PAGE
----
A month has passed since the existence of the OpenSSL Heartbleed bug has been shared with the public.
Given that this open-source implementation of the SSL and TLS protocols is used in many operating system and apps, not to mention being the default encryption engine for popular Web server software, it’s a given that fixing this mess will take some time.
Rob Graham of Errata Security has decided to check the current situation. His initial scan of Internet IPv4 addresses (only on port 443), made almost immediately after the discovery of the bug, unearthed over 600,000 vulnerable systems. The latest scan he performed in these last few days shows around 300,000 affected systems.
He noted, though, that this time around he found around 6 million less systems supporting SSL.
“I suspect the reason is that this time, people detected my Heartbleed ‘attacks’ and automatically firewalled me before the scan completed. Or, another problem is that I may have more traffic congestion at my ISP, which would reduce numbers,” he hypothesized.
Opera Software developer Yngve Pettersen has also been tracking the patching of the Heartbleed issue.
To do it, he uses a tool dubbed TLS Prober, which “currently scans a set of about 500 000 separate servers, using variations of host names in various domains (in total 23 million), with a selection bias towards Alexa Top million sites.”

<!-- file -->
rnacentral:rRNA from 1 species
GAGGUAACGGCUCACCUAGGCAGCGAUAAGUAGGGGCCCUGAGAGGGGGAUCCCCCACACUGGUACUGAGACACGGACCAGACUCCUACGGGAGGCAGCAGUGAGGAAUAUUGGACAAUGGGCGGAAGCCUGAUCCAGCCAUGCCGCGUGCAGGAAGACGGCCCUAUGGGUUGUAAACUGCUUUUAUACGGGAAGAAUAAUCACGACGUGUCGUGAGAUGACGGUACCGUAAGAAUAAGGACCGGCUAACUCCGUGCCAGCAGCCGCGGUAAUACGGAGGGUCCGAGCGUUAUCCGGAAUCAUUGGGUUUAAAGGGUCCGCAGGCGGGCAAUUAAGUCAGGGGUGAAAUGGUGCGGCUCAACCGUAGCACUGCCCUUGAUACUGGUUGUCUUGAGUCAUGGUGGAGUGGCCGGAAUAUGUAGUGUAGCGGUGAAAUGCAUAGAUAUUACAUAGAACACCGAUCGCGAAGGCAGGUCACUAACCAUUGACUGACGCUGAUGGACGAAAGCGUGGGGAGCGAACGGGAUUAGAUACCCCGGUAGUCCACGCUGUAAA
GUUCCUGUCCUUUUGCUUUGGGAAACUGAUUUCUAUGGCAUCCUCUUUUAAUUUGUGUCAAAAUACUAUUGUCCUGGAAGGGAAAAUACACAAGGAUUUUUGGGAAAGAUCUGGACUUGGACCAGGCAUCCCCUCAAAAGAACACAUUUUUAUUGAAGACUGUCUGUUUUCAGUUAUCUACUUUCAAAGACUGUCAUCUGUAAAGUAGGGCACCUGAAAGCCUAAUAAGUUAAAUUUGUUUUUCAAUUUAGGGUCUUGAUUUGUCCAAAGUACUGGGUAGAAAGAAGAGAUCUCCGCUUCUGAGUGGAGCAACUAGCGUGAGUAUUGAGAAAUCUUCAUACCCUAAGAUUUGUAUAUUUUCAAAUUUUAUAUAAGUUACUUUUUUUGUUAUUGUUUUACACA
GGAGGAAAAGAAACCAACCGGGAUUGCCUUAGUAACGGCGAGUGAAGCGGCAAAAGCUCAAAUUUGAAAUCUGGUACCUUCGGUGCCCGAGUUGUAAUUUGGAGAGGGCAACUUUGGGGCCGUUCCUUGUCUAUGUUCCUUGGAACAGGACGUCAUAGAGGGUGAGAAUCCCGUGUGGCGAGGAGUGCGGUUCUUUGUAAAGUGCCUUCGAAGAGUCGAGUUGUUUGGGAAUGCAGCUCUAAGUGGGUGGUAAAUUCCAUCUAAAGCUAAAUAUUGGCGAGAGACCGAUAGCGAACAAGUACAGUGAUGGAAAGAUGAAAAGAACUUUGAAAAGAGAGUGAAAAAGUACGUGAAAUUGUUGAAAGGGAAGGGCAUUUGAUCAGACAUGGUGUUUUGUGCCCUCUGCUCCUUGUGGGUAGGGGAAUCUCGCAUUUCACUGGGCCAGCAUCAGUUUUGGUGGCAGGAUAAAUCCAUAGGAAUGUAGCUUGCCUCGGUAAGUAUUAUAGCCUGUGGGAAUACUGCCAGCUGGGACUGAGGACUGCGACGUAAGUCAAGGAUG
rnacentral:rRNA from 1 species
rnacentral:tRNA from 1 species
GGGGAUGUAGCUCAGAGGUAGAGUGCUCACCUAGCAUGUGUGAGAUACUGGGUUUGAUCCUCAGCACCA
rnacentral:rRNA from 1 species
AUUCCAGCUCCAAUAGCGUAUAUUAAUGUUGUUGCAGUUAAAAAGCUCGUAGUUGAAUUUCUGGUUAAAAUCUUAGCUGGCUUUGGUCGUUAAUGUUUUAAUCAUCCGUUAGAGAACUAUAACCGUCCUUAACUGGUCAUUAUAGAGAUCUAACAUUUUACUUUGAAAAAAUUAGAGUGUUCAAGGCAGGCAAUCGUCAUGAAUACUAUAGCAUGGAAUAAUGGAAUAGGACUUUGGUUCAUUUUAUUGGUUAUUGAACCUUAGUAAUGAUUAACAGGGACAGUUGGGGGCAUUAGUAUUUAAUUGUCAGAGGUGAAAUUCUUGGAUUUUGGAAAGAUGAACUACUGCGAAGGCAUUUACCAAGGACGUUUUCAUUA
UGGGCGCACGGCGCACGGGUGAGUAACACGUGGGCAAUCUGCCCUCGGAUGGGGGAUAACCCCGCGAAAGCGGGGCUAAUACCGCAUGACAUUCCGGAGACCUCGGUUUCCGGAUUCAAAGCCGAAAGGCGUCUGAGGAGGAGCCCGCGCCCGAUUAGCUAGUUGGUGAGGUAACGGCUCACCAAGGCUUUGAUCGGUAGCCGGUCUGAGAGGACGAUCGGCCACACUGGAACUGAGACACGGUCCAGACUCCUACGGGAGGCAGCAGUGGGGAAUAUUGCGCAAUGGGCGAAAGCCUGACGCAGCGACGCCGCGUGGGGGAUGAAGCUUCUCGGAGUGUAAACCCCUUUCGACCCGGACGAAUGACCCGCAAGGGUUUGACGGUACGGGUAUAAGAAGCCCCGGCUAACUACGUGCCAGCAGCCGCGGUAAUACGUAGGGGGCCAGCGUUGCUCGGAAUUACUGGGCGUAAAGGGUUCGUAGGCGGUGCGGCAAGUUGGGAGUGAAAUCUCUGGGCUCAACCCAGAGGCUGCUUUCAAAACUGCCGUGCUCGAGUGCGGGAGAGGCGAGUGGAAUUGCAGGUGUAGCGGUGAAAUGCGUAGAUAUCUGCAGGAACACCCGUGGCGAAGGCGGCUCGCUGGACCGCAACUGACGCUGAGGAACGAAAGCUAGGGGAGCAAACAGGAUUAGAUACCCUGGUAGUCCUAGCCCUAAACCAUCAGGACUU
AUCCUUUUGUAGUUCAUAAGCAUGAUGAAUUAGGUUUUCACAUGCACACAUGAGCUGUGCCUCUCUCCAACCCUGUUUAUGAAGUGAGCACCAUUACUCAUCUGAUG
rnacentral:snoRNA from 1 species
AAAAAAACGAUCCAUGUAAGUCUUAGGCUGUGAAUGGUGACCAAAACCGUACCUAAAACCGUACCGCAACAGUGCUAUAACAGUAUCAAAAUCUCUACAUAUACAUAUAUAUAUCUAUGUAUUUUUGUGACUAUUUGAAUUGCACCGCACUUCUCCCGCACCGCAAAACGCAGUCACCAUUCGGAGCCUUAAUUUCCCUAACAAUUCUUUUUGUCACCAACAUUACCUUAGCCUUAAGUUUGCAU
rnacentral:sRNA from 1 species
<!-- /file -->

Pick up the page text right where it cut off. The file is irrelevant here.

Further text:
He started scanning a few days after the revelation of the existence of the bug, and has noted that the number of vulnerable servers have trended sharply downward – that is, until two weeks ago.
After analyzing the results, he concluded that “The reason the absolute number of vulnerable BigIP servers has been holding steady is that the number of BigIP servers including those using OpenSSL 1.0.1 (which supports Heartbeat) has doubled in the past month (after a slow decline over the past two years), and that many of the new servers using the OpenSSL mode were using a vulnerable version.”
He also noted that the in his most recent scan, 20% of the currently vulnerable servers (as distinguished by IP addresses), and 32% of the vulnerable BigIP servers, were actually not vulnerable when scanned before.
While he admits that the numbers might not be entirely correct due to the fact that some of these servers have not stayed on the same IP address, but also pointed out that the media frenzy following the discovery of the bug might have made some sysadmins believe that their systems were affected.
“This, perhaps combined with administrative pressure and a need to ‘do something’, led them to upgrade an unaffected server to a newer, but still buggy version of the system, perhaps because the system variant had not yet been officially patched,” he assumes.
Update: Thursday, 15 May 2014. – The researcher comments: “After closer investigation together with F5, it seems that, due to an issue with the network connection of the prober the test used to detect F5 BigIP server showed higher numbers than it should have, and the numbers of such servers therefore got very inflated for the scans that were run in the past month. This means that the BigIP related information and conclusions are not correct, and I have therefore moved down and struck out the section regarding BigIP servers. My apologies to F5 and their customers for this mistake.”